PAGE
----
(Reuters) - U.S. business leaders expect to cut fewer jobs and a growing number plan to sharply raise employees’ pay in the months ahead as confidence in the economic outlook surges amid the rollout of COVID-19 vaccines, a survey released on Thursday showed.
The Conference Board’s “Measure of CEO Confidence” showed chief executives were the most confident they had been since 2004.
It also indicated that 36% of CEOs planned pay increases for their employees of more than 3% in the next 12 months, up from 22% in the previous survey in September. And just 12% expect to cut jobs in the next year, down from 34% previously.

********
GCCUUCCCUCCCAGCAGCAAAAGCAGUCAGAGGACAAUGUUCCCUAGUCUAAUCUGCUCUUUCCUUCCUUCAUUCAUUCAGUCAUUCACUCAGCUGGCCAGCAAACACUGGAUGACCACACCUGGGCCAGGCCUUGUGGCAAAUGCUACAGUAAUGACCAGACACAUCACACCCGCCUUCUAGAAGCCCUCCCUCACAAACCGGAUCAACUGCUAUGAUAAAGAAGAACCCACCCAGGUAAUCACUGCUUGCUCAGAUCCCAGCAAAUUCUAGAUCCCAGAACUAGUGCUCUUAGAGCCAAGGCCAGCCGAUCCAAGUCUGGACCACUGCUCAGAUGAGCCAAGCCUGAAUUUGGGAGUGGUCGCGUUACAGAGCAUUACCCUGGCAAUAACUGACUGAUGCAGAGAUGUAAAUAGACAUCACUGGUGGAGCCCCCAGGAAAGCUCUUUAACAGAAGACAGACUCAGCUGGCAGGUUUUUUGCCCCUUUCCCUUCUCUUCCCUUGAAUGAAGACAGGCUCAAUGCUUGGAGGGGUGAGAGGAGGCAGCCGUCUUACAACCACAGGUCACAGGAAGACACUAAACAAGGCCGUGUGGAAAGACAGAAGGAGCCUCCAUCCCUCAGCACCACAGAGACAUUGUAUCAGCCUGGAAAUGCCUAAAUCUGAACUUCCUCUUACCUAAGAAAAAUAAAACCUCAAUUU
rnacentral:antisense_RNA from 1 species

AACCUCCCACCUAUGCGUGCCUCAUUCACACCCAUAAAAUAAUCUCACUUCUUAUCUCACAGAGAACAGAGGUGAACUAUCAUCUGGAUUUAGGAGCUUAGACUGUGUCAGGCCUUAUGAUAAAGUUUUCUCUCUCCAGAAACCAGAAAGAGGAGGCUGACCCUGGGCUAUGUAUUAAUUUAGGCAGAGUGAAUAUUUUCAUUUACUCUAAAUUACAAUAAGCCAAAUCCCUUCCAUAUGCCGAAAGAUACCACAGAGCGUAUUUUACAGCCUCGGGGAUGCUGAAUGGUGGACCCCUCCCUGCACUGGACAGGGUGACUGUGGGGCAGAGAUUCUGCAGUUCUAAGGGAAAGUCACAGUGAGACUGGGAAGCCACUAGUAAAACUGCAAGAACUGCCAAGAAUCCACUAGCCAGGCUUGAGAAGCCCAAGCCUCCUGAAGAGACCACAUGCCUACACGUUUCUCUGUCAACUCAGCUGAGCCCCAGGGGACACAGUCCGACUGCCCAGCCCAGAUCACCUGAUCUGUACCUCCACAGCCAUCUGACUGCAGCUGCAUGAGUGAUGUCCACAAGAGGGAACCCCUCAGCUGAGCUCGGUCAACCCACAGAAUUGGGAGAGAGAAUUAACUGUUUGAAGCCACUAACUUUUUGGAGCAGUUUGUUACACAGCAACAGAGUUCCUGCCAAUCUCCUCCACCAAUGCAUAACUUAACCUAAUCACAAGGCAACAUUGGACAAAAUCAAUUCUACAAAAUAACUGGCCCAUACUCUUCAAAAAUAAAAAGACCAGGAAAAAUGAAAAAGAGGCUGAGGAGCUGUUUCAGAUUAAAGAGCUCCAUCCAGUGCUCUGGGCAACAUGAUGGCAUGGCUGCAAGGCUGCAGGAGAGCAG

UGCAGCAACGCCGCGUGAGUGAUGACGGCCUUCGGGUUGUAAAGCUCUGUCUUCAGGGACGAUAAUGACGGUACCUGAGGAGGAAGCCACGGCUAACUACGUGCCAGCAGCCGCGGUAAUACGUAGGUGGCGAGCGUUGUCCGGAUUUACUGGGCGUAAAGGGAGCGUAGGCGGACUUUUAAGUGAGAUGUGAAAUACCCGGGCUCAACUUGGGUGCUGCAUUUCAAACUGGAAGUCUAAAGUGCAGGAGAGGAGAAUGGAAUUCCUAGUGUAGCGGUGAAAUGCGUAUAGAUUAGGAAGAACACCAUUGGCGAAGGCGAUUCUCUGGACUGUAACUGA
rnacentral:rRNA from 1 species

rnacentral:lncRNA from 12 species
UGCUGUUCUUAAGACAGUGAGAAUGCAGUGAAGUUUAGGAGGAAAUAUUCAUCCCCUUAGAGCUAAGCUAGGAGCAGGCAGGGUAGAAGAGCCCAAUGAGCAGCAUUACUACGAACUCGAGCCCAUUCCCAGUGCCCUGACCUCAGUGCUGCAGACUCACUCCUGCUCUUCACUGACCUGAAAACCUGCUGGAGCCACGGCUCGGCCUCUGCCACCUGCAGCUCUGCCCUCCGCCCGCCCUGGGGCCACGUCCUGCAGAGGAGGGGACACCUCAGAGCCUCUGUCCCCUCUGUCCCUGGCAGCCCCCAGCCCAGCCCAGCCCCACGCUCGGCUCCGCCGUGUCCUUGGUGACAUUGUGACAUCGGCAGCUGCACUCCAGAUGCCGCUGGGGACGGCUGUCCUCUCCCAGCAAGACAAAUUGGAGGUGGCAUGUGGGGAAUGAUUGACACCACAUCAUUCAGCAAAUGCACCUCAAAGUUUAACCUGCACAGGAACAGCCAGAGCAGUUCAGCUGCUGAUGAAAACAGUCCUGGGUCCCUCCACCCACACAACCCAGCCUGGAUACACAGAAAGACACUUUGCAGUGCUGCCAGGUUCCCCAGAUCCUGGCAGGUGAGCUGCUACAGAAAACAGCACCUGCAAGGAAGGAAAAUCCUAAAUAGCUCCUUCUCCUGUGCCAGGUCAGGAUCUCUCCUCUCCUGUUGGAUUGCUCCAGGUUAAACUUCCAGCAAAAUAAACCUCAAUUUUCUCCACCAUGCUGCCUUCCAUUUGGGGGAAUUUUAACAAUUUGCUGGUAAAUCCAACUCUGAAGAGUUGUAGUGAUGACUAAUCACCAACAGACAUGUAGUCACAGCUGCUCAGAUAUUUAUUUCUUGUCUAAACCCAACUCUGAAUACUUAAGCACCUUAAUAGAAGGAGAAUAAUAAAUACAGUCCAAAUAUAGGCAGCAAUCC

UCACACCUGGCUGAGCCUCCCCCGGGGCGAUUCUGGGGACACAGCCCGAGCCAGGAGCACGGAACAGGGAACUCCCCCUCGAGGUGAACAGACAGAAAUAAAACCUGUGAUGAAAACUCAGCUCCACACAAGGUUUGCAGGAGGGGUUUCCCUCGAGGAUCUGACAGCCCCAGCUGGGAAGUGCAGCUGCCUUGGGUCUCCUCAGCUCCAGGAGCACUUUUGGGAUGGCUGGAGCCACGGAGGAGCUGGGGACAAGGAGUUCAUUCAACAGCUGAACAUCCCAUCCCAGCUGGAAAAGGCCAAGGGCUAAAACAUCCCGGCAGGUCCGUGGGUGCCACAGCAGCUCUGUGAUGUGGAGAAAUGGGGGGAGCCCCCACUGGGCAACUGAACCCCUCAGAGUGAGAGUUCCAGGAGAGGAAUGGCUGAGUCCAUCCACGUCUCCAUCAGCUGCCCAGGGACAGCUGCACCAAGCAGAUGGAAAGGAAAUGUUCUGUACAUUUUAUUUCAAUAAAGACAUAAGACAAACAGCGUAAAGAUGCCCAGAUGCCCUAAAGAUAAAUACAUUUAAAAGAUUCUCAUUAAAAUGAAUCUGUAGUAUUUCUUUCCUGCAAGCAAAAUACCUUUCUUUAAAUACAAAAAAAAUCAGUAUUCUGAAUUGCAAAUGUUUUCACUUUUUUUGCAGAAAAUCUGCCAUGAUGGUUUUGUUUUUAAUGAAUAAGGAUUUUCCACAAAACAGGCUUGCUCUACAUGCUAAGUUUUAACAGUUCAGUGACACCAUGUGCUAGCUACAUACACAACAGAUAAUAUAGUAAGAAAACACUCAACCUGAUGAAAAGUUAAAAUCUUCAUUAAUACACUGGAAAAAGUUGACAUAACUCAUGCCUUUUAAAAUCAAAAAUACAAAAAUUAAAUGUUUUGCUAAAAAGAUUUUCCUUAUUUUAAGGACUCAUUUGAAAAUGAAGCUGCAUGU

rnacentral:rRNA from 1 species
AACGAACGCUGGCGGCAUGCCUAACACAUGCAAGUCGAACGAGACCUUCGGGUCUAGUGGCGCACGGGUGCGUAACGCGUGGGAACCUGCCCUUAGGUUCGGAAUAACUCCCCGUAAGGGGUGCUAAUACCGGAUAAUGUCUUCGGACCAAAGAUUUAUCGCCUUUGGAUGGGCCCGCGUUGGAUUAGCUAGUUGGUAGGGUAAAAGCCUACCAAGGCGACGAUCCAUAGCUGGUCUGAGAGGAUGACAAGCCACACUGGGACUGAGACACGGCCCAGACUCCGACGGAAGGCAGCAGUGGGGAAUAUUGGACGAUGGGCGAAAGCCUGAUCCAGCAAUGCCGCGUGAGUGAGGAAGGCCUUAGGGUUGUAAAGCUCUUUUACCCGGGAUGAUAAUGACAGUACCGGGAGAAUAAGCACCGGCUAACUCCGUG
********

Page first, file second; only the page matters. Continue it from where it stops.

The survey, conducted between Jan. 14 and Jan. 29, also found that 45% of CEOs expect to increase capital spending, up from 25% in September, and 47% plan to expand their workforce, up from 33%.
The report may foreshadow a long-hoped-for improvement in a U.S. labor market that is still deeply scarred by the pandemic and its disruptions to businesses and everyday life.
A Labor Department report released on Thursday showed first-time filings for unemployment benefits rose unexpectedly last week and that as of the end of January, more than 18 million people without work were still receiving some kind of government jobless benefit.
Reporting by Dan Burns; Editing by Paul Simao
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